Above all things about Haiti that made me stop and think, the one that struck me the most was my sudden ability to slow down and just be present in a single moment. It could have been the lack of cell reception or the absence of homework, but I suspect that the unobstructed views of the sun rising and setting, the welcoming smiles of the people around me, and the feeling of being wanted and appreciated is what did the trick.
Every morning, Caroline and I would climb quietly out of bed as soon as the sun shone through our window and brush our teeth in the front yard. Then, we’d grab our books, our journals, and some pens and borrow some chairs from the compound, so that we could sit together and enjoy the peaceful morning. One particular morning, our gates were open, and some children from the village wandered in. A young boy-- maybe seven or eight years old-- came in and sat about five feet away from us on a soccer ball in the lawn. He watched us with eager curiosity as we talked and wrote. I thought he was very beautiful. He embodied that childhood innocence that is so lovable. So, I pulled out my phone and took a photo of him. He noticed and came closer to me. I showed him my phone, so that he could see the picture, and he started scrolling through my camera roll. When he found pictures of things at the compound, he would open the camera and try to recreate the photograph himself. For example, I had taken a picture of Caroline writing in her journal, so he took one too. He would zoom in to look at interesting scenes, and he found a video of my friend dancing, which he found very amusing and showed to at least five other people in the yard.
As he sat on the soccer ball, looking through my photographs and playing candy crush, I pulled out my journal and began to sketch a picture of him. He noticed me doing this, and pulled my notebook towards him so he could examine it. He ran his fingers over the drawing and smiled. Then, he took my pen and drew a picture of me on the next page. He took his time, looking back and forth from the paper to me to make sure he was doing the best he could. I took the notebook back from him, so I could write my name on it, and one of the translators helped me to write the name of the young boy on the page as well. I took a picture of the drawing on my phone so I could remember it, then ripped it out and handed it to him. He took the drawing and ran off to play with the other children.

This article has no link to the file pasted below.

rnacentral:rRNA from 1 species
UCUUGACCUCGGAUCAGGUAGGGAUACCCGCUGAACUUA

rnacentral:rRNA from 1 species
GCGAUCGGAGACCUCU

That afternoon, I was coming down the stairs of the compound, and he was going up. He tugged on my shirt, signaling to me to stop. He reached into his pocket and pulled out my piece of journal paper to show me. He had neatly folded it and kept it clean all of this time. I smiled at him, and he ran off again with the paper safely back in his pocket.
I never spoke a word to this child, other than to ask his name-- Enelson-- in what little Creole I can speak. Enelson is one of my favorite people that I met in Haiti. Despite our lack of verbal communication, we were kind to one another and took interest in each other. We were able to share artwork with each other, and that was a really wonderful experience-- a moment I will never forget, and a moment I am so glad that I was able to take the time to cherish while I was in it.